I sent out a message yesterday morning asking you what you would change on your monitors if you could.  The responses were what we all expect, smaller, lighter, less cumbersome, better cables, but the one thing that was mentioned most was the ability to wirelessly transmit 12 lead ECGs to any destination regardless of proprietary tech on the receiving side.

When I read that I nearly shouted out loud in the presentation room.  Reason being that the speaker was discussing the launch today of ZOLL RescueNet 12-Lead, an open architecture, browser based transmission system that allows any person with log on credentials to view a transmitted 12-Lead anywhere they have an internet signal.

Sunday, May 8

Zoll Summit in Denver

No better time to get back on the road than 2 days after getting home, right?

It has now been a full year since EMS 2.0 was given a chance to be heard at a conference when ZOLL brought me and Mark Glencorse out to Denver to pitch the idea of improving EMS from the ground up.  It was very well received at the time, but some in the crowd told us it was the same ideas they've always heard but with a new title.  I can kind of agree with that.  Nothing I or many others associated with the movement are suggesting is new, but we're sharing information in a new way letting us make informed decisions on policy instead of stabs in the dark.  Borrowing wheels instead of re-inventing them, if you will.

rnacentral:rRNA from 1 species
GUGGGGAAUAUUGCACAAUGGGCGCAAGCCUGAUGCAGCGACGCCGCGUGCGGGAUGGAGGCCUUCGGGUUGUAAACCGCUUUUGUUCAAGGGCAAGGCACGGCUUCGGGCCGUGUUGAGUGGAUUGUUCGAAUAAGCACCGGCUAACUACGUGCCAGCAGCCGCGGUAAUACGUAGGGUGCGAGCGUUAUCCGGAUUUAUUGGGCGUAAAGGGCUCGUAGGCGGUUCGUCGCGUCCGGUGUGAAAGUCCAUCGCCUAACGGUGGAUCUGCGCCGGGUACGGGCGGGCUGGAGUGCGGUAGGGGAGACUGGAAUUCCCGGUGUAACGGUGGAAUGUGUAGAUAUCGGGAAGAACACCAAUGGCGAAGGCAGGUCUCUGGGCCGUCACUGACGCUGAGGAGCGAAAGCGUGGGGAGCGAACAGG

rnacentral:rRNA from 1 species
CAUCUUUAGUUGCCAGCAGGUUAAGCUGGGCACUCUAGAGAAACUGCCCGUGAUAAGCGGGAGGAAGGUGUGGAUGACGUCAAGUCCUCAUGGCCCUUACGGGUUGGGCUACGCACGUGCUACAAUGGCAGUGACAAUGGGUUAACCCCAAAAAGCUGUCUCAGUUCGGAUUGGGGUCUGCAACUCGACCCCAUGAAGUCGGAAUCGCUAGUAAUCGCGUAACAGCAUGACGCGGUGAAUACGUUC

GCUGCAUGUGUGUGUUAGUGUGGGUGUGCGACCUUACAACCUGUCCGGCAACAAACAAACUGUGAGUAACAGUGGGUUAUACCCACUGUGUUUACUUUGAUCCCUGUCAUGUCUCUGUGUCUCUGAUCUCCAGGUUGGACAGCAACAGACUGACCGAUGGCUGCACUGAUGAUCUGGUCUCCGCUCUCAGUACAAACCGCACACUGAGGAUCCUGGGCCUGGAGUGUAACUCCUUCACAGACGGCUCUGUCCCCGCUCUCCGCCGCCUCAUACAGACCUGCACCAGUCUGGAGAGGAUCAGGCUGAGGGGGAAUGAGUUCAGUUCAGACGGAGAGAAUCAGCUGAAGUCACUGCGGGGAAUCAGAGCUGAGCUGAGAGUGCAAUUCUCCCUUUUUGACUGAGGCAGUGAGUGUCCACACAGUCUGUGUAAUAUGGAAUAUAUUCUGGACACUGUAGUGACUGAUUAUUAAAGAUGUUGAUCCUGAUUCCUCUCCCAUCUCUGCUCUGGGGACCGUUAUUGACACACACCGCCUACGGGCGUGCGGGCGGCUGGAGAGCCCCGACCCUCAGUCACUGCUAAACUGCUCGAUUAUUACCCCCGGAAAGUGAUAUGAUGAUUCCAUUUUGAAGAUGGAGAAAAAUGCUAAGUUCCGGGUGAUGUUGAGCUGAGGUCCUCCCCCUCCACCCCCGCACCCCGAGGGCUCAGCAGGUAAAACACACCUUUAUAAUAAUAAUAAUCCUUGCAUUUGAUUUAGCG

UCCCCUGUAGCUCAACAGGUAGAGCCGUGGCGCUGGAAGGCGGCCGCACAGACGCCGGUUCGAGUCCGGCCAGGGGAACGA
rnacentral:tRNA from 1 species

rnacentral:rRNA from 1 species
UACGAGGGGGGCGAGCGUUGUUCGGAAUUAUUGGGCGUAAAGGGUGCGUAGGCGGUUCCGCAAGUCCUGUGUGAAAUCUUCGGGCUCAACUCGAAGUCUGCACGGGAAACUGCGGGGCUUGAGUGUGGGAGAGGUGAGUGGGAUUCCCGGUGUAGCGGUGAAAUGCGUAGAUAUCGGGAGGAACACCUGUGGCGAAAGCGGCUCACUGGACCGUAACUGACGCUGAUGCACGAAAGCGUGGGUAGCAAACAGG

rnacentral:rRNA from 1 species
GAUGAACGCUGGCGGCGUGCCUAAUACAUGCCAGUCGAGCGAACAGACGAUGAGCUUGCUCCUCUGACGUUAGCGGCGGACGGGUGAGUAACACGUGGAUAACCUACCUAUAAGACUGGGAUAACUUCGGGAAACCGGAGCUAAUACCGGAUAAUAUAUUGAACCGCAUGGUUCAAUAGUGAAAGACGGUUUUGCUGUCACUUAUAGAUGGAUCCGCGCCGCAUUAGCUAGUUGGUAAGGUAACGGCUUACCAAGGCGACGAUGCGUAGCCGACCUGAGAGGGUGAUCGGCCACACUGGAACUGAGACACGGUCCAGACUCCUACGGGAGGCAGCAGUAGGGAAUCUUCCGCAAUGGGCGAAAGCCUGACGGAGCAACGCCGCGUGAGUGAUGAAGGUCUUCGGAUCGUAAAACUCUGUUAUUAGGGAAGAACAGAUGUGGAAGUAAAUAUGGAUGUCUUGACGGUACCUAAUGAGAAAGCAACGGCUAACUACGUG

ZOLL Summit is a chance for EMS Leaders, Q/I Staff and others to come together and discuss technology and leading trends as they pertain to EMS.

It was at last year's ZOLL Summit we heard speakers call for smaller batteries, lighter defib units and perhaps...gasp...remove the defib completely.  Leaders from many systems, Medical Directors and yes a few medics and EMTs met in the hallways to discuss parts they love and parts they don't in their data systems, ePCRs and monitors and folks from ZOLL were always there to listen.


On Monday the 9th Thaddeus Setla joins me to head out to Denver in Mark's place to bring the Summit to you!


Instead of having to find the words to describe the networking and chance to give input to the industry, we're firing up the FRNtv cameras for updates conference style.  We've been the ones to bring you same day coverage of both major EMS conferences and ZOLL, our oldest and biggest supporter, is looking for the same kind  of coverage so we're enroute.

Updates will come fast and furious with that Ted Setla flair so keep your browsers pointed to for updates almost as soon as we land.

Something you want to ask ZOLL Medical, ZOLL Data or any of the ZOLL divisions?  Leave a comment and look for a video reply from the folks in the know at ZOLL Summit in Denver this week.

Friday, May 6

EMS Day on the Hill Part 1

I wasn't sure if the trip would be possible this year and trying to sleep on an airplane for the second time in 16 hours on the way home I almost regretted it.
EMS Day on the Hill was organized by our friends at the NAEMT and had an attendance this year of almost 200 EMTs, Paramedics, Chiefs, Managers and Medical Directors.

My first Washington DC visit began just before 11pm when I got on the plane in San Francisco with no bags, no change of clothes, just me and my coat, tie, iPad, phone and Random Ward's camera.

A restless 4 hours of tossing and squirming in the fully sold out airplane led to a beautiful sunrise at 20,000 feet as we began to descend and everyone rubbed their eyes and readied for the day.